Skip to main content
Start of main content.

Minna dives into next chapter

Minna Atherton’s Biomedical Science degree has left her with an amusing penchant for dramatic self-diagnosis and a decision to make - Veterinary Science, Allied Health or maybe something completely new.

But right now, she’s not even thinking about what she wants to do for the rest of her life.

Her focus is on the Commonwealth Games and recapturing the form that saw her break legendary Hungarian Katinka Hosszu’s 100m backstroke short course world record as a teenager back in 2019, just months after claiming silver at the World Championships.

She finished the Word Championships with two silver and a gold medal as part of the Australian mixed 4x100m medley relay team.

At that stage, with the 2020 Olympics around the corner, Atherton was considered one of Australia’s great medal chances for the Tokyo Games.

However, she failed to qualify for the games.

It was then she made the shift to swim under Chris Mooney at Bond where she had been studying since 2018.

She finished her course work in April and since then has been focussed solely on the pool as one of five Bondies to qualify for the Commonwealth Games team.    

“I was very excited to make the team, it wasn’t my best time, but I am hoping to improve and I’m excited to be there,’’ she said.

Atherton has juggled her studies with a heavy swimming schedule that has included a starring role for London Roar in the International Swimming League.

“I’m very excited, I started in 2018 and I feel like it has been going for ever, even though I know it hasn’t it has only been four years,’’ she said.

“It has been a lot of work.

“Travelling makes it difficult, but all my teachers were really supportive of me and helped me out, lots of emails went backs and forwards.’’

The 22-year-old will graduate on Saturday but is still debating what field her education will lead her to.

 “I haven’t fully decided,’’ she said.

“I probably wouldn’t go into research but Allied health maybe.

“I have thought about doing veterinary science but biomedical science is the human body so I would have to learn everything else.

“So, this year I am just going to swim and then we will see what happens.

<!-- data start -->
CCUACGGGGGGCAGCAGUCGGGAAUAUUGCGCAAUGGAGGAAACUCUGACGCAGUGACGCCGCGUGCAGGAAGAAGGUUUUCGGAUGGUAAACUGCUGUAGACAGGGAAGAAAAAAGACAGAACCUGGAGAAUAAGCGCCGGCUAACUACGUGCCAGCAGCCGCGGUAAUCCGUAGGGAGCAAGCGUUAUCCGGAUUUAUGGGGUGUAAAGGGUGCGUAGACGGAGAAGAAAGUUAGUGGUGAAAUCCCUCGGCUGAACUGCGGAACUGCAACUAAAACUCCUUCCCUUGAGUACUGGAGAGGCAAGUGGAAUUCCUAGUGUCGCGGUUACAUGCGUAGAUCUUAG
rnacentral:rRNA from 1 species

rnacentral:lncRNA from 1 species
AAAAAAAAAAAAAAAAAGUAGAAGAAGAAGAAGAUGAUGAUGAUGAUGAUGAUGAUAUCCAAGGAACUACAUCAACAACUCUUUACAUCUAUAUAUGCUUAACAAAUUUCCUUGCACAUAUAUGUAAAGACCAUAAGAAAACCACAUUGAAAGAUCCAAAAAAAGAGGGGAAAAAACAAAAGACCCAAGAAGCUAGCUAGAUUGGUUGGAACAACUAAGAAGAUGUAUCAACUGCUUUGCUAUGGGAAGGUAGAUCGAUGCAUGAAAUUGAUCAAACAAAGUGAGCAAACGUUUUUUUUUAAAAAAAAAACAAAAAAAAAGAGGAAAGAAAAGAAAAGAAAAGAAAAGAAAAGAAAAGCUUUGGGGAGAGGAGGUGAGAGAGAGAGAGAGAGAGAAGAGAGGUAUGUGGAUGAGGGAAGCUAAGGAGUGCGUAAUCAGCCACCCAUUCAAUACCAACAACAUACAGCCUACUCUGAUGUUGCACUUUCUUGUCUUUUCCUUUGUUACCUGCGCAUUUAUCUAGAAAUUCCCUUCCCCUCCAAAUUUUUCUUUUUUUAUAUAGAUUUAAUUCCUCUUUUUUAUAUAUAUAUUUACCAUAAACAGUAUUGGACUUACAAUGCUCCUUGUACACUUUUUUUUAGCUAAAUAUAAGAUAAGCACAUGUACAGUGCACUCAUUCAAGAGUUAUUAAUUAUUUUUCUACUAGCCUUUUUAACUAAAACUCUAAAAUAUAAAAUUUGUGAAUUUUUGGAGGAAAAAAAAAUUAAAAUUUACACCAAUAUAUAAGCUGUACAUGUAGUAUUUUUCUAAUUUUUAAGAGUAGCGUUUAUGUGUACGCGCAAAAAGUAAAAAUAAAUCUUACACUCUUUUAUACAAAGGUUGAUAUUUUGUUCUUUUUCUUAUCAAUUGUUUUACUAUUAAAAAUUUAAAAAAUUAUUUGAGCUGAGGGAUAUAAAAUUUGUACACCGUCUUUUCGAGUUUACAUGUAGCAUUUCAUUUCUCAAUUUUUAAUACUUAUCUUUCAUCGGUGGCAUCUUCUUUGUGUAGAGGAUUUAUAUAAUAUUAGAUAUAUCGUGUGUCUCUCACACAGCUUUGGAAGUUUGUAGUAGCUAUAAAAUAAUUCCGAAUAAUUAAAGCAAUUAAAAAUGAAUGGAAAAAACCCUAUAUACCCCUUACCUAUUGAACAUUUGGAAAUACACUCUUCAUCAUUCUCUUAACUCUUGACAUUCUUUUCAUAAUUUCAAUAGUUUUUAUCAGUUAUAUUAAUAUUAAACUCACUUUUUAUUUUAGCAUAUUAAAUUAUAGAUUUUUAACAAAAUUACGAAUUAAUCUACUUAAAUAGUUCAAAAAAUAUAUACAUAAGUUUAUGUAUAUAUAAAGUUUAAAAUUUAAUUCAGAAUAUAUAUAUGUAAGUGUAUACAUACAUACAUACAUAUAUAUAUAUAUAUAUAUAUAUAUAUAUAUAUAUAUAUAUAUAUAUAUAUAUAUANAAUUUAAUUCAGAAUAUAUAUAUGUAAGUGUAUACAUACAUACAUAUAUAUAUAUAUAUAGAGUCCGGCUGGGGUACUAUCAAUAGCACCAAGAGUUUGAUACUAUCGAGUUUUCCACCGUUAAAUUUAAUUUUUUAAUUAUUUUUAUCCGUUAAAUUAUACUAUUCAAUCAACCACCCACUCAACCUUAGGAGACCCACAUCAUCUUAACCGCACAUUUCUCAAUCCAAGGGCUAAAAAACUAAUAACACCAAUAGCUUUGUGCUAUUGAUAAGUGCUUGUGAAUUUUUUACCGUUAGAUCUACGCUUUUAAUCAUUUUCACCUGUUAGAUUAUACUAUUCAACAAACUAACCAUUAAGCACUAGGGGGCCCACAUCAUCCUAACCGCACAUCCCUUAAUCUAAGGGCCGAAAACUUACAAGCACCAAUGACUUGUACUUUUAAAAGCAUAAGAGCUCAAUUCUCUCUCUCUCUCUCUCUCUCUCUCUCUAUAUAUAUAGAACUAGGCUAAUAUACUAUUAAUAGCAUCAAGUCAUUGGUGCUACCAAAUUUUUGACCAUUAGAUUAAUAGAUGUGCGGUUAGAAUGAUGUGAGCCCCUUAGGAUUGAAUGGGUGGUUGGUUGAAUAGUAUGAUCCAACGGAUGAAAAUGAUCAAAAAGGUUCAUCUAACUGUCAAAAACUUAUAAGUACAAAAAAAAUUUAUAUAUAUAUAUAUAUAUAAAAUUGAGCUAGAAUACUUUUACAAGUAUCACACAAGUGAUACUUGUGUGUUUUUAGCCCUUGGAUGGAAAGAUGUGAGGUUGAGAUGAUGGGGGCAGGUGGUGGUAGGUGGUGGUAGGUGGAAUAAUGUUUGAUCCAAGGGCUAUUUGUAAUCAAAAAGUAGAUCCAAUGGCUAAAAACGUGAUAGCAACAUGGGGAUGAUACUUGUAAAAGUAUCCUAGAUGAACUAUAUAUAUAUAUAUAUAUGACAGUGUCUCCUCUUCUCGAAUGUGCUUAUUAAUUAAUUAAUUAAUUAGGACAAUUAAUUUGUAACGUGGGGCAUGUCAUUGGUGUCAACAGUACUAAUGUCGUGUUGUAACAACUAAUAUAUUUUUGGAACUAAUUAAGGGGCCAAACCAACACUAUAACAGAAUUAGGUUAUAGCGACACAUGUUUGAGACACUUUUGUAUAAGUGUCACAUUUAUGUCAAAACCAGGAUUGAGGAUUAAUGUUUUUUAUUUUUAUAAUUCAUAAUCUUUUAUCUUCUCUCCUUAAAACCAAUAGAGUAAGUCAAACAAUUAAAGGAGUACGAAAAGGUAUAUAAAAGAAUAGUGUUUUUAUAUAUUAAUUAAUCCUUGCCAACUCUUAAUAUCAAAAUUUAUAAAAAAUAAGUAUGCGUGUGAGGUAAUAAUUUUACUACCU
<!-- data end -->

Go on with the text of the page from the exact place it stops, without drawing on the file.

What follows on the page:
“But definitely more study at some point.’’

Although her thoughts no longer switch to her studies each time she leaves the pool, the knowledge she gained during her undergrad studies has led to a new habit of self-diagnosis.

“I do it all the time, I go home and I tell my room mates I have this thing, and they are like you don’t Minna,’’ she said.

“And obviously I don’t so it’s just a bit dramatic.’’

More from Bond

  • Bull Sharks out to tame the Tigers

    The Bull Sharks have announced their 2023 captains as rugby returns to The Canal for the first time this year.

    Read article
  • International students join soccer goal rush

    Bond's soccer club have scored 49 times in three games as international students join the goal rush.

    Read article
  • Sapphires and Rubies glitter at Netball season launch

    The excitement was building at the Bull Sharks' season launch ahead of their return to the Sapphire Series

    Read article
  • Trouble brewing on geographical beer names

    Australian craft beer breweries could be caught up in a push by European brewers to protect the names of beer styles in the same way French winemakers jealously guard Champagne and Bordeaux.

    Read article
  • $1m to study diabetes patients left to their own devices

    A Bond University researcher has received more than $1 million to determine if wearable devices can help type 2 diabetes patients better manage their condition.

    Read article
Previous Next